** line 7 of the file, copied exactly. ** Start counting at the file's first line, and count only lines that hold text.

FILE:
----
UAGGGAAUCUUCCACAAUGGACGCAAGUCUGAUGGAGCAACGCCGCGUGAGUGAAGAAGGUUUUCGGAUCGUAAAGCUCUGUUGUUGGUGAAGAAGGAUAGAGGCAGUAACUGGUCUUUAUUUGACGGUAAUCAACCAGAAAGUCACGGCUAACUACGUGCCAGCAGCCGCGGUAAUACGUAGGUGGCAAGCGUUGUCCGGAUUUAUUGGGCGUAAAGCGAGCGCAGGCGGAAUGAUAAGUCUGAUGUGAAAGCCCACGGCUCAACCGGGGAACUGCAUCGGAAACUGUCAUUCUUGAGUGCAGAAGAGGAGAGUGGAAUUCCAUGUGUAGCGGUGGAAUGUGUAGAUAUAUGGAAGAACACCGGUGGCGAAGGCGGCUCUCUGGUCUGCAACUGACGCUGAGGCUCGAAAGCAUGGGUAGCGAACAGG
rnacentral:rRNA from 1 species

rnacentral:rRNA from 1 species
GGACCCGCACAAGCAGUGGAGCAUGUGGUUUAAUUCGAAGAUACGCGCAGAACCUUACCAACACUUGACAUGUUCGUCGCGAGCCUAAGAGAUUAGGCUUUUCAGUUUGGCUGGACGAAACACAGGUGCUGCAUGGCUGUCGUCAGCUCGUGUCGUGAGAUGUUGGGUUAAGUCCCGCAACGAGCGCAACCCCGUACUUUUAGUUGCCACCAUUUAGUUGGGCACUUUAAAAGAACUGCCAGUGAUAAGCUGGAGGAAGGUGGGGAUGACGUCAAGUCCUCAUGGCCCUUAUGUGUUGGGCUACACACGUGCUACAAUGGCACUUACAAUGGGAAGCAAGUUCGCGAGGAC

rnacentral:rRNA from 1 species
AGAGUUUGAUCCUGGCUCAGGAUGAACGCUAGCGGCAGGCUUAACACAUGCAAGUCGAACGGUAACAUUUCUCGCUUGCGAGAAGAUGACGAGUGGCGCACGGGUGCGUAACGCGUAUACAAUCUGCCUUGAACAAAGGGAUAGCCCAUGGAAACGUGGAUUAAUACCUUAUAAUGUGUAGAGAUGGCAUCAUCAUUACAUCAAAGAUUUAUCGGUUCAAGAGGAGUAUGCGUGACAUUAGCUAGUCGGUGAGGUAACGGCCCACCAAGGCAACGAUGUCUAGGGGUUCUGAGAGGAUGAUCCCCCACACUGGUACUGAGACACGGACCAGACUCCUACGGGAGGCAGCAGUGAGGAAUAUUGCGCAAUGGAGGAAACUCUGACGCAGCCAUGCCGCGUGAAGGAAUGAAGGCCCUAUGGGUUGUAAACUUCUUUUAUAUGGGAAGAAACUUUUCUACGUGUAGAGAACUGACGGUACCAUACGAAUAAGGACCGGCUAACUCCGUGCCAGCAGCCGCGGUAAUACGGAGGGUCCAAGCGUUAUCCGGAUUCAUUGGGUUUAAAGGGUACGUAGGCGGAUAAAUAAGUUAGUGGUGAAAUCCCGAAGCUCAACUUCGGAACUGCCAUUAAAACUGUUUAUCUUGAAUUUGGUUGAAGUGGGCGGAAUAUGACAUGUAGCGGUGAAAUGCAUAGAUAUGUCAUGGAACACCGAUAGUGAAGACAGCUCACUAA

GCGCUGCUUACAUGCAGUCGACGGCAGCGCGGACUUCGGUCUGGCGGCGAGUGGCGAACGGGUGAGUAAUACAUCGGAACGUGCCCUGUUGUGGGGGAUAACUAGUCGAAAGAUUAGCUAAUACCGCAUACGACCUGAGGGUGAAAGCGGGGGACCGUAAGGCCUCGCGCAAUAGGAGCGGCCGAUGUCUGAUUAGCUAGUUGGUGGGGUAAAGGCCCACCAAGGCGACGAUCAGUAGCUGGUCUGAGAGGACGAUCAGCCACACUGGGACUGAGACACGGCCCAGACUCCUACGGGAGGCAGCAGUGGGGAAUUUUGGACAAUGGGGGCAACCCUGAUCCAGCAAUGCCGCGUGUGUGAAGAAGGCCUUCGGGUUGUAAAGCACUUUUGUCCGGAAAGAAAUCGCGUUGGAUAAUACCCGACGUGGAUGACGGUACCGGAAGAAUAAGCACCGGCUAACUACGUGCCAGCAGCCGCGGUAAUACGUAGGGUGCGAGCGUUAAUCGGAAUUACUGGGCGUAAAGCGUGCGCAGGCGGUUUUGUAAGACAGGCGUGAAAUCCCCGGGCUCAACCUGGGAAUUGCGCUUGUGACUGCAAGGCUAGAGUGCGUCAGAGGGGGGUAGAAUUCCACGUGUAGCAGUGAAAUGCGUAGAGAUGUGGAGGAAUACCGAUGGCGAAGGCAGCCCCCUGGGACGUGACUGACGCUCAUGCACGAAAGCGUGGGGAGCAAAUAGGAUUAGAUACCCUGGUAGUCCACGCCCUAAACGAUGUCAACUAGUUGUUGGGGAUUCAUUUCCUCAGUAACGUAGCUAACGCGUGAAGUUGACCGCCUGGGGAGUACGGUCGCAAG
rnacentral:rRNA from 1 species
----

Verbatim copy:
GCGCUGCUUACAUGCAGUCGACGGCAGCGCGGACUUCGGUCUGGCGGCGAGUGGCGAACGGGUGAGUAAUACAUCGGAACGUGCCCUGUUGUGGGGGAUAACUAGUCGAAAGAUUAGCUAAUACCGCAUACGACCUGAGGGUGAAAGCGGGGGACCGUAAGGCCUCGCGCAAUAGGAGCGGCCGAUGUCUGAUUAGCUAGUUGGUGGGGUAAAGGCCCACCAAGGCGACGAUCAGUAGCUGGUCUGAGAGGACGAUCAGCCACACUGGGACUGAGACACGGCCCAGACUCCUACGGGAGGCAGCAGUGGGGAAUUUUGGACAAUGGGGGCAACCCUGAUCCAGCAAUGCCGCGUGUGUGAAGAAGGCCUUCGGGUUGUAAAGCACUUUUGUCCGGAAAGAAAUCGCGUUGGAUAAUACCCGACGUGGAUGACGGUACCGGAAGAAUAAGCACCGGCUAACUACGUGCCAGCAGCCGCGGUAAUACGUAGGGUGCGAGCGUUAAUCGGAAUUACUGGGCGUAAAGCGUGCGCAGGCGGUUUUGUAAGACAGGCGUGAAAUCCCCGGGCUCAACCUGGGAAUUGCGCUUGUGACUGCAAGGCUAGAGUGCGUCAGAGGGGGGUAGAAUUCCACGUGUAGCAGUGAAAUGCGUAGAGAUGUGGAGGAAUACCGAUGGCGAAGGCAGCCCCCUGGGACGUGACUGACGCUCAUGCACGAAAGCGUGGGGAGCAAAUAGGAUUAGAUACCCUGGUAGUCCACGCCCUAAACGAUGUCAACUAGUUGUUGGGGAUUCAUUUCCUCAGUAACGUAGCUAACGCGUGAAGUUGACCGCCUGGGGAGUACGGUCGCAAG